Contribution of the psychoanalytic clinic in oncology

A. Lehmann, J. Y. Petit, L. Barreau-Pouhaer, M. Rietjens

Research output: Contribution to journalArticlepeer-review

Abstract

The psychoanalytic approach in oncology is above all clinical. On the one hand, clinical in the sense that, for the staff as well as psychoanalyst, the patient is the focal point: the patient, with the anxiety he suffers, his refusals, moments of depression, and also the feeling of malaise he creates. These subjective phenomena often disconcert the staff who feel they understand nothing about them. This approach is also clinical in that it is on-the-job, daily routine work. It seeks to help patients and staff get a hold of themselves again in a difficult situation and find more satisfying solutions to problems that come up. But, on account of the working through each person, the clinical approach also includes a dimension of training and research. Clinical work and theoretical elaboration are closely interwoven in it for each piece of knowledge gained is immediately put to the clinical test again. Neither theory nor practice can remain stationary. This continuous testing of one by the other brings simultaneous progress in both fields. The systematic and strict compilation of data allows one to take into account the singularity of the patient, the case, and the situation. Lessons can likewise be learned about ways of proceeding as well as psychic processes in play. Knowledge thus gained largely overlaps that obtained from other approaches. Its advantage lies in its being able to be used by each intervening party in terms of his skills and specific role. Lastly, psychoanalytic work in oncology remains oriented to patients. They are the ones who profit from it in the first place. Working through each intervening party, staff member and psychoanalyst, gives patients the possibility of not having to passively undergo what is happening to them. This change in attitude is a powerful ally in treatment. Encouraging, and if necessary, helping their working through, allows them to have another relationship to what they have lived through. So they can get some distance, situate themselves differently, and, in the course of time, rediscover where they belong and how to live. This type of work offers neither illusory reparation nor a crutch to lean on, but provides patients with the possibility of rediscovering a certain inner coherence by themselves and for themselves.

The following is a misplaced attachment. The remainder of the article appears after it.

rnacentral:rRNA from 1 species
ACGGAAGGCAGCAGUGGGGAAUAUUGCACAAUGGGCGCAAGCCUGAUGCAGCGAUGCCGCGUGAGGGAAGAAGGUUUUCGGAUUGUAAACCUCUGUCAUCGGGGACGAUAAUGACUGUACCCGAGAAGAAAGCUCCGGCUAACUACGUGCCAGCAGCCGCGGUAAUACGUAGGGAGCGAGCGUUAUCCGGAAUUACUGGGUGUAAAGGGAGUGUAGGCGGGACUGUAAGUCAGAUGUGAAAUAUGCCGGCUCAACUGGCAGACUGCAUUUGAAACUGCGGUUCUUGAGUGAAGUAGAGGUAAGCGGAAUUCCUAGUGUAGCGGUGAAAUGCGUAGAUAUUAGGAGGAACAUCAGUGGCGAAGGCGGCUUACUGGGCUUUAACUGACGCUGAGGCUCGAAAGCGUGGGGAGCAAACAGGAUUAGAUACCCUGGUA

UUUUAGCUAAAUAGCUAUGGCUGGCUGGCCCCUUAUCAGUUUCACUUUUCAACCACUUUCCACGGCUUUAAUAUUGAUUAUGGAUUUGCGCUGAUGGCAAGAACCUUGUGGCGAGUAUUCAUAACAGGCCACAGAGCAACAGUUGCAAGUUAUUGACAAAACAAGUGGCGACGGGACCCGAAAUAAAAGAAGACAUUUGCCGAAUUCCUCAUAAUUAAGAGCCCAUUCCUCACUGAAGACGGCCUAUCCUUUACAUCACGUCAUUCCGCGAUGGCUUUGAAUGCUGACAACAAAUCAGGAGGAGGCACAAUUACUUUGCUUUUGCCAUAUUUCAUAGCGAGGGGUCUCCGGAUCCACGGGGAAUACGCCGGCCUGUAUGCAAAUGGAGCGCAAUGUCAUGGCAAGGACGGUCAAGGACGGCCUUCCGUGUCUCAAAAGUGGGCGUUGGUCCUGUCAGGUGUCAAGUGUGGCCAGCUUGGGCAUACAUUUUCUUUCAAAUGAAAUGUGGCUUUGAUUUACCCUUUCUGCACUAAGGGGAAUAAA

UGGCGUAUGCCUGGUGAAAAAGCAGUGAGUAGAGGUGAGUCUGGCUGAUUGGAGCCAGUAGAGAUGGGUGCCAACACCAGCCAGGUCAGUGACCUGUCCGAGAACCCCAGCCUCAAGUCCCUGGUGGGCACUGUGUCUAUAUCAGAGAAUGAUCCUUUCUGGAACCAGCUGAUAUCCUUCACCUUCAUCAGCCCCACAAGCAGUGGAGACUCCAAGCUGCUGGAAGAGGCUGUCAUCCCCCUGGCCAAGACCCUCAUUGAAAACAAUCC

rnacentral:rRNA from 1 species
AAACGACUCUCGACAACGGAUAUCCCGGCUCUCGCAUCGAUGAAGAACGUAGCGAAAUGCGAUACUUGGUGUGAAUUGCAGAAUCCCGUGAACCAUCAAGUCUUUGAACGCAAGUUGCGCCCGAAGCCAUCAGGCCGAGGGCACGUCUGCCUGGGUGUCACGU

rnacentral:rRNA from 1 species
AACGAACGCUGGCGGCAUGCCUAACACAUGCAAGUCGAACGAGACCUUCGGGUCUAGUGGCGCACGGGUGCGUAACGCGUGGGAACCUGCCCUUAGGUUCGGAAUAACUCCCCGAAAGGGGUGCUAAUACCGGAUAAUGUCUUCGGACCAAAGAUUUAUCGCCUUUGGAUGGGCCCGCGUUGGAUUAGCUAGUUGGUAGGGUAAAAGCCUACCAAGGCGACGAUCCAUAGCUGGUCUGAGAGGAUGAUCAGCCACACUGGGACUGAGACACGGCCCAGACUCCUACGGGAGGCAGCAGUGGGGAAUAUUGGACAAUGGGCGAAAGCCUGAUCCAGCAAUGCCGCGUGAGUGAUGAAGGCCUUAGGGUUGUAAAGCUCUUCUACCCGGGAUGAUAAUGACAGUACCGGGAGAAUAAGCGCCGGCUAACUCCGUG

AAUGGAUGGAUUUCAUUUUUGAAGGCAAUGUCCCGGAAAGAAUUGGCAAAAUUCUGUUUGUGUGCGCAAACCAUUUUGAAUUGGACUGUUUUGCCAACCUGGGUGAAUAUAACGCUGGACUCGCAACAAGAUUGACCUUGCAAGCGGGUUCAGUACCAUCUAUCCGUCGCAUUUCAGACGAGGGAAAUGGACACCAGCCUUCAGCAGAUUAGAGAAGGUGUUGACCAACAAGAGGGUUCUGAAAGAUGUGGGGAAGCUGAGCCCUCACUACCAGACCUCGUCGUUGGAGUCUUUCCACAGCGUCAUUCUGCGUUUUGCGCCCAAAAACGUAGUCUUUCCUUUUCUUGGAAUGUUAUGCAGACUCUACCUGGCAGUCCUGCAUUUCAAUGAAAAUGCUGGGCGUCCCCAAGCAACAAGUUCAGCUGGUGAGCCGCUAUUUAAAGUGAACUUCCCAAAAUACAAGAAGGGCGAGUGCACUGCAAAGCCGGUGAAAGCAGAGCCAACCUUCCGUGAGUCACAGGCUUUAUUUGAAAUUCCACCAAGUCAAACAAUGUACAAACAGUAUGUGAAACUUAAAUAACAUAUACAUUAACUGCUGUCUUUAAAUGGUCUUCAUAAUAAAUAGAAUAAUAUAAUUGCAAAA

Original languageEnglish
Pages (from-to)55-61
Number of pages7
JournalNew Trends in Experimental and Clinical Psychiatry
Volume11
Issue number2-3
Publication statusPublished - 1995

ASJC Scopus subject areas

  • Psychiatry and Mental health

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